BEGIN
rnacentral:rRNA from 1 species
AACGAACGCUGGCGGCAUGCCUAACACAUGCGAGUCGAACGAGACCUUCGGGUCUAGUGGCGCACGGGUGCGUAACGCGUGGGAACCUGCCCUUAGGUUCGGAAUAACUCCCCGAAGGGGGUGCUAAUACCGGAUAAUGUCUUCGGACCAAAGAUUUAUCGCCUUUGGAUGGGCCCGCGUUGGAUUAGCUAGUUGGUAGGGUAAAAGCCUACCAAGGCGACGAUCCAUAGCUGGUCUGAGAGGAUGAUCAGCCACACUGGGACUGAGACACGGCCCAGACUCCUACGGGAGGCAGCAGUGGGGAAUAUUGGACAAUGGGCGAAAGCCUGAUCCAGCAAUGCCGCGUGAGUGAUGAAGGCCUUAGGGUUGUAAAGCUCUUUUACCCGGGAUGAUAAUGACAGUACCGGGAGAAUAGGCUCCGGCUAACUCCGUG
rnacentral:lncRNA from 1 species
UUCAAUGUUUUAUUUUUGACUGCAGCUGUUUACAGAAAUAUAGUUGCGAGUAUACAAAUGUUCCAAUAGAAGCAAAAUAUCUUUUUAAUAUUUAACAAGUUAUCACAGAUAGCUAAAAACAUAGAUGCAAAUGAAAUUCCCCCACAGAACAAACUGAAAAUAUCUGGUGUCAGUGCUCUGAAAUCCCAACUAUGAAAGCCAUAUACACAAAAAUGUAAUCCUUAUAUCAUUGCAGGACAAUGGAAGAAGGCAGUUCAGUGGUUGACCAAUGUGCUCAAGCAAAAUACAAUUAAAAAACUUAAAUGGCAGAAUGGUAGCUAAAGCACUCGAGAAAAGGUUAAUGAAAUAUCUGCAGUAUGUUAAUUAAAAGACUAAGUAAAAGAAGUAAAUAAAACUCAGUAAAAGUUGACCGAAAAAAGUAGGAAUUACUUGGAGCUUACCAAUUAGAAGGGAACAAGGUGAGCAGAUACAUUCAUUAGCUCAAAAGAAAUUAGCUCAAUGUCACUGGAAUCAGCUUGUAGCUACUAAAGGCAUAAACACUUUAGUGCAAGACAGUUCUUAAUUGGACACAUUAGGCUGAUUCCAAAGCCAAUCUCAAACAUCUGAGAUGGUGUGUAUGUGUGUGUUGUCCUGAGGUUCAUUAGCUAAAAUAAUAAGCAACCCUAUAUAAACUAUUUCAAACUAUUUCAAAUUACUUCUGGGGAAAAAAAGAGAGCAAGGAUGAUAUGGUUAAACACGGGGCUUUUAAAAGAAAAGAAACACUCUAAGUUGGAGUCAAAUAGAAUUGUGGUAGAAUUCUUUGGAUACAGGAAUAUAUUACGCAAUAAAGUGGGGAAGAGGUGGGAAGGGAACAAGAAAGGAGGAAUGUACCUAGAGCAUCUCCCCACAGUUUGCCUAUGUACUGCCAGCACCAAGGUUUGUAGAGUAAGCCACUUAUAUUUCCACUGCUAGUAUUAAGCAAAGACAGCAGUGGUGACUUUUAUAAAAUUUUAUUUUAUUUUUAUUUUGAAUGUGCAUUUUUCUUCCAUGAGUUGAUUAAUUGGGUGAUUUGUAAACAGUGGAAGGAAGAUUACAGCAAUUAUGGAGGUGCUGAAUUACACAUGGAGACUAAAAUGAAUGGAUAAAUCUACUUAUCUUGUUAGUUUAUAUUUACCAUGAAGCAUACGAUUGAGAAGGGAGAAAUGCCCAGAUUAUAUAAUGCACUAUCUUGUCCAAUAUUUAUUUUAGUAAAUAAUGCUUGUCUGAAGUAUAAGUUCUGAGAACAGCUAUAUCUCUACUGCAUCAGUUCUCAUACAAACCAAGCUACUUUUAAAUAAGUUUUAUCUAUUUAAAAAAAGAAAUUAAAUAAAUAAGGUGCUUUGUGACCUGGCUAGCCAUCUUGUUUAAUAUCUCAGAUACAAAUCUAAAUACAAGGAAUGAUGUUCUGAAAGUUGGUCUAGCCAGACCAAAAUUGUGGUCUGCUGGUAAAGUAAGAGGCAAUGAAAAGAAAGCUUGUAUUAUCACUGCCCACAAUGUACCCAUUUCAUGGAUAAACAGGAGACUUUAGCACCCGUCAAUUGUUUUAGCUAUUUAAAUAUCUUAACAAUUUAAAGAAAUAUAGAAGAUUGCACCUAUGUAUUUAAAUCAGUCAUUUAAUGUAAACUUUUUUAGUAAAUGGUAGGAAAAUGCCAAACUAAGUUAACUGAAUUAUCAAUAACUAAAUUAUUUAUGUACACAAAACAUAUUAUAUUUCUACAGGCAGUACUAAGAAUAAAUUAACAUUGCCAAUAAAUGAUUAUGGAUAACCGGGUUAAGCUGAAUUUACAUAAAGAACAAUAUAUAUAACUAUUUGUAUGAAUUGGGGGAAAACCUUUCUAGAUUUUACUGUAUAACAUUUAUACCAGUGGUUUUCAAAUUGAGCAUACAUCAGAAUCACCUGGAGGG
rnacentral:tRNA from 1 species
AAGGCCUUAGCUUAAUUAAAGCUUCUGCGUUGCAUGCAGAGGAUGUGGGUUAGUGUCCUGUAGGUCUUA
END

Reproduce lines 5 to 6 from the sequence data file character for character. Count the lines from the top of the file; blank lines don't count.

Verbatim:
rnacentral:tRNA from 1 species
AAGGCCUUAGCUUAAUUAAAGCUUCUGCGUUGCAUGCAGAGGAUGUGGGUUAGUGUCCUGUAGGUCUUA